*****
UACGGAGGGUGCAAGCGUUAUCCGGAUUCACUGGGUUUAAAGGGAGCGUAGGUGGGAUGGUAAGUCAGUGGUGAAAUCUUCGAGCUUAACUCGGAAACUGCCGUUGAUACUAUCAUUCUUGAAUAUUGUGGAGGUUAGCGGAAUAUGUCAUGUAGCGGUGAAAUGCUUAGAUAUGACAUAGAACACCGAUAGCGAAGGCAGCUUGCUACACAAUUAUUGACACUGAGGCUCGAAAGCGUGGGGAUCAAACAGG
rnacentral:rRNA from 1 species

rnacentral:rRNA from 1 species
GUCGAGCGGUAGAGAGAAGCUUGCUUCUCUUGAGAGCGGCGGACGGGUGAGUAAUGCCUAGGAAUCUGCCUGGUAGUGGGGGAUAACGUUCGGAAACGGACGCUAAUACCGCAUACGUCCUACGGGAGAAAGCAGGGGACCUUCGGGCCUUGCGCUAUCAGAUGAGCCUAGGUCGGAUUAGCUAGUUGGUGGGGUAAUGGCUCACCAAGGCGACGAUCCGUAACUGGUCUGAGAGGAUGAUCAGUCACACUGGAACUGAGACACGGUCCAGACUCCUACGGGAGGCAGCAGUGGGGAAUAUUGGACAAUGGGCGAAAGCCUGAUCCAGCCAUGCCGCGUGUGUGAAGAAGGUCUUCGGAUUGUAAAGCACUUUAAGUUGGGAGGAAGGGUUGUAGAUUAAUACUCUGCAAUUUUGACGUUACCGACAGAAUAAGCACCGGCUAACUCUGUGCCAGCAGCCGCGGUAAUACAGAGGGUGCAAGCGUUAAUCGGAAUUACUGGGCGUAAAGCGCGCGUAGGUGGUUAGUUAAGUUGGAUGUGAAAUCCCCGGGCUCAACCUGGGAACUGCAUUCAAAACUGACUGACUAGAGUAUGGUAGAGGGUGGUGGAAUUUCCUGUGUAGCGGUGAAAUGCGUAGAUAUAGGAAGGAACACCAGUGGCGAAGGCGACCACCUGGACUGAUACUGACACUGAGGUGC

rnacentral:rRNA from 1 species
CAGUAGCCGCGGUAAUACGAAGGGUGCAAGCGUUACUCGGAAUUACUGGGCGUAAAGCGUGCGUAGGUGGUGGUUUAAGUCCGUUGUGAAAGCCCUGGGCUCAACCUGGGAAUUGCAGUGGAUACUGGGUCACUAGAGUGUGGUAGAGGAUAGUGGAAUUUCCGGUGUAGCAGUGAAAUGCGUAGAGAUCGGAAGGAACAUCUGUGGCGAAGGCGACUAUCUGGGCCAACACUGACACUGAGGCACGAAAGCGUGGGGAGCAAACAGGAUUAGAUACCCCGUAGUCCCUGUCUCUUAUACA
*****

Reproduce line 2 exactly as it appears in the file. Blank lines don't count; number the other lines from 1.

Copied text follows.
rnacentral:rRNA from 1 species